UPDATED 6:15 p.m. Thursday with comment from NXP.
If you've got a Volkswagen or an Audi built in the past 20 years, or a Ford, Chevy, Nissan or Fiat made in the past decade, you may want to stop using your wireless key fob or ignition-key buttons to lock and unlock your car — like, forever.
The 2013 Volkswagen Golf Mark 7, one of the few late-model Volkswagens not affected by the keyless-entry flaw. Credit: M93/Creative CommonsThe remote-keyless-entry (RKE) systems on many of those vehicles could let a thief into your car without you ever knowing it, according to a research paper to be presented tomorrow (Aug. 12) at the USENIX computer-security conference in Austin, Texas. There's no practical fix for the problem, short of a recall of all affected ignition keys and key fobs.
"Owners of affected vehicles should be aware that unlocking the doors of their car is much simpler than commonly assumed today," the authors of the paper say.
The research team was led by Flavio Garcia of the University of Birmingham in England and Timo Kasper of the information-security firm Kasper & Oswald in Bochum, Germany. It found that most or all cars made by Volkswagen Group since 1995 used only four different master encryption codes to secure the wireless signals sent by ignition keys and key fobs issued to about 100 million vehicles.
The master codes were hard-coded into the ignition keys and key fobs themselves, and each was reused for years until the next generation of ignition keys and key fobs came along.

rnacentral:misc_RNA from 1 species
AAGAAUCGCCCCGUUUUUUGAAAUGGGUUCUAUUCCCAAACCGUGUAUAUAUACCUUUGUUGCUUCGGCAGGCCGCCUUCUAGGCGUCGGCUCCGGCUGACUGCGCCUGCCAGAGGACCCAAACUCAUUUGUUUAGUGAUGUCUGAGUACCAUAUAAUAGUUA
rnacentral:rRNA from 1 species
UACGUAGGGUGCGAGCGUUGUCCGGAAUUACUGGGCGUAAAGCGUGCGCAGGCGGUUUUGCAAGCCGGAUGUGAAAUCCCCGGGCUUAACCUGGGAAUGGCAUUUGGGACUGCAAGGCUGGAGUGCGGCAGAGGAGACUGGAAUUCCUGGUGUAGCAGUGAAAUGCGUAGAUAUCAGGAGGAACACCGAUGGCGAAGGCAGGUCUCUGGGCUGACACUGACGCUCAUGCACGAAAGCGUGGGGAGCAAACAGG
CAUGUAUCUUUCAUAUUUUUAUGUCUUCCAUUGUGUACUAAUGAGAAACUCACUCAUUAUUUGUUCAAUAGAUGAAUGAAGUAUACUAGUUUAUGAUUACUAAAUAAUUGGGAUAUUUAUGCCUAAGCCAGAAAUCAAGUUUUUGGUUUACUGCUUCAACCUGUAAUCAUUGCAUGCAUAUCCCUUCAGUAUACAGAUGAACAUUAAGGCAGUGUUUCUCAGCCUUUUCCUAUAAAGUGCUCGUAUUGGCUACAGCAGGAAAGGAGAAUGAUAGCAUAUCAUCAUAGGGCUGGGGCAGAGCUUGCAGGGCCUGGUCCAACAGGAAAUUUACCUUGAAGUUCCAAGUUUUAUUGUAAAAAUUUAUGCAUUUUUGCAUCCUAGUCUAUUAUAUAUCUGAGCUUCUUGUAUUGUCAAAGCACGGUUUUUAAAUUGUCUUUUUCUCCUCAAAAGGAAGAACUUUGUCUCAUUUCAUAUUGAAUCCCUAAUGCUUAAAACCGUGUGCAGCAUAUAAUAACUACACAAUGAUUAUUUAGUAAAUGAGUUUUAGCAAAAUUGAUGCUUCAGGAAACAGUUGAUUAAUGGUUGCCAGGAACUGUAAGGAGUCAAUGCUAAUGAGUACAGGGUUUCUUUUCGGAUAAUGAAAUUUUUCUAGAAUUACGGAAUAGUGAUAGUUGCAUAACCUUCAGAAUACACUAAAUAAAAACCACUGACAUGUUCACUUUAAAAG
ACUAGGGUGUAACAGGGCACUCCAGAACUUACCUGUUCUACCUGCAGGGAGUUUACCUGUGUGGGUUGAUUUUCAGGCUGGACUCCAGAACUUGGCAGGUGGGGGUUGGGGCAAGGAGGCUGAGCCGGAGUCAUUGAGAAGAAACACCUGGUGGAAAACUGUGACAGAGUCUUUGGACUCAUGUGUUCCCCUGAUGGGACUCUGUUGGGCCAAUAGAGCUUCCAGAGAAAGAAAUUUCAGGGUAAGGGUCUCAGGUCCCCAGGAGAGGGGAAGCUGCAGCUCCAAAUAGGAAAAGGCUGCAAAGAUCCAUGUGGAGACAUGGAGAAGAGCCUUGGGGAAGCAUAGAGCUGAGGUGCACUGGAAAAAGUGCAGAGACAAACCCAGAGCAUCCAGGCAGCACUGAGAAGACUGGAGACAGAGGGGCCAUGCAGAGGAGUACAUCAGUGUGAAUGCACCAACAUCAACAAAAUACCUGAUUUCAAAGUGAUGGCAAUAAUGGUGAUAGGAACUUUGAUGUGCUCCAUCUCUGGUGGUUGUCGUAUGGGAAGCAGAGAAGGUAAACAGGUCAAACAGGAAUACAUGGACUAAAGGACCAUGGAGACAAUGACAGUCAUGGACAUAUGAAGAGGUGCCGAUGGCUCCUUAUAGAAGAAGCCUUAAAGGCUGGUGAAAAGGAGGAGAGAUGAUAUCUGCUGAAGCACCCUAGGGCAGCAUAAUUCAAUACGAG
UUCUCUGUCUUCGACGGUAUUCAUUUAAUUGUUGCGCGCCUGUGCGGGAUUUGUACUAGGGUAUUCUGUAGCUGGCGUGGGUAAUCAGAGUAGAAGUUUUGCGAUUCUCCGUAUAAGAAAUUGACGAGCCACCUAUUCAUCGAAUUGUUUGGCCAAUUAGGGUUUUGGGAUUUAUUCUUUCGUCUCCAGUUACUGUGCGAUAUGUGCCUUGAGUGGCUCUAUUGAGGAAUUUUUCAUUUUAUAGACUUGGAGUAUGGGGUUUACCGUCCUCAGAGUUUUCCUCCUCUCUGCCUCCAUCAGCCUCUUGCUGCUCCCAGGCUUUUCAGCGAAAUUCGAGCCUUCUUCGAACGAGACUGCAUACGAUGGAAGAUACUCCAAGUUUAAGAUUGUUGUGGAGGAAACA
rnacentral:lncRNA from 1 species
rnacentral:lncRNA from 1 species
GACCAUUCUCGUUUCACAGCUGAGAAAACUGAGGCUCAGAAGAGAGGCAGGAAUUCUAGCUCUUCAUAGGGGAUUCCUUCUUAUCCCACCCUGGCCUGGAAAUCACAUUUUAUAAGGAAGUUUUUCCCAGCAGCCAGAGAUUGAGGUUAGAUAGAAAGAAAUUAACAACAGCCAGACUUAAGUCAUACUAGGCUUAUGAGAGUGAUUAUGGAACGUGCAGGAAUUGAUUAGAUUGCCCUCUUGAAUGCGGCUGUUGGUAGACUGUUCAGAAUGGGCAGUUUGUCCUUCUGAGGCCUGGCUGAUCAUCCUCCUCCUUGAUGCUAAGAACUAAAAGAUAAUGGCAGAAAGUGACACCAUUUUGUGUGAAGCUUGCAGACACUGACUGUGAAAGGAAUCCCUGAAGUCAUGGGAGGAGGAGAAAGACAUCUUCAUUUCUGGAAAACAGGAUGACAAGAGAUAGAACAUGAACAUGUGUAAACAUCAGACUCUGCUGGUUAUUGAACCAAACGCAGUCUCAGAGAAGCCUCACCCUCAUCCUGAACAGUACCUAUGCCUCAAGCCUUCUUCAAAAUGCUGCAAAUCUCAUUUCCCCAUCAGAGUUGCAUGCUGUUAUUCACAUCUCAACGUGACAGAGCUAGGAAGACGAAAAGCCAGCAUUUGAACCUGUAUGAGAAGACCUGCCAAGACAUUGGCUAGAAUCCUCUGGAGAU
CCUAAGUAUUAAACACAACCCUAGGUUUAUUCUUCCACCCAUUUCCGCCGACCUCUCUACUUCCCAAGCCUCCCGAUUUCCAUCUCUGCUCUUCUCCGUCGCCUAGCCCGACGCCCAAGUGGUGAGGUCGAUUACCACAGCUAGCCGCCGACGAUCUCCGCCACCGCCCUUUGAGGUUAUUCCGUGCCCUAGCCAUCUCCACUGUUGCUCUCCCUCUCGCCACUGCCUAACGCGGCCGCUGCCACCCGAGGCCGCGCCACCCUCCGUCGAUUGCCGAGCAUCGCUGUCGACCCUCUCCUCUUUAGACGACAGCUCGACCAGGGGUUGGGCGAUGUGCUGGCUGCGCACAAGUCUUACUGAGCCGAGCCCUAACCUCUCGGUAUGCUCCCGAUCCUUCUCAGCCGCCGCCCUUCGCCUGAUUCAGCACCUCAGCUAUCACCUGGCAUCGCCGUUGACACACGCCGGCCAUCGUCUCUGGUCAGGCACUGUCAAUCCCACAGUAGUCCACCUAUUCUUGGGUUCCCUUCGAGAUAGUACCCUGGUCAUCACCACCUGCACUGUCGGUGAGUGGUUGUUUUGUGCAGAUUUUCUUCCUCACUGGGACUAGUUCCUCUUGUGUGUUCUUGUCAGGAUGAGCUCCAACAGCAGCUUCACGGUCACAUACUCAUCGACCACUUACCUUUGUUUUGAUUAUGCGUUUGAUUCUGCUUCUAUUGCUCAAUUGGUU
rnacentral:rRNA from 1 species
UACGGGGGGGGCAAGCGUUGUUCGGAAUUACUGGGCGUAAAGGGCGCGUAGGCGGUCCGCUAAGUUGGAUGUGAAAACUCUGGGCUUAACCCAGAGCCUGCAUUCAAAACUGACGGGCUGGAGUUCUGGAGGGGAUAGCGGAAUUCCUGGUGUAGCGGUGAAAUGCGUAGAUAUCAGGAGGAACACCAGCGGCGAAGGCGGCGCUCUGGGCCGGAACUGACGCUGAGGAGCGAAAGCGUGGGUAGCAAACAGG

(This attack does not involve ignition keys that don't have a remote-unlock button to press. Nor does it involve the ignition component of passive-keyless-entry-and-start systems, which let you start the car without putting the ignition key into the steering column. But it does involve the door- and trunk-locking features of those systems.)
If an attacker knew the master encryption code for a particular model year — one of the four master codes was used for all models from 1995 through 2003 — then he or she could use inexpensive radio software to capture a single command the car owner sent from a key fob or ignition key to the car. The attacker wouldn't even have to be nearby, as high-gain antennae in the bed of an SUV could grab the signal from hundreds of feet away.
Once the command was captured and decoded, the attacker could then play back a slightly modified version of it to lock or unlock the car after the owner had left.
"It is technically feasible to eavesdrop the signals of all cars on a parking lot or at a car dealer by placing an eavesdropping device there overnight," the paper said. "Afterwards, all vulnerable cars could be opened by the adversary."
The attack worked on all models of Volkswagen, Audi, Seat and Skoda brand vehicles tested by the researchers, except for the Volkswagen Golf Mark 7, introduced in 2013. The researchers did not test Volkswagen Group's luxury brands, which include Bentley, Bugatti, Lamborghini and Porsche.
"There have been various media reports about unexplained theft from locked vehicles in the last years," the paper states. "The security issues described in this paper could explain such incidents."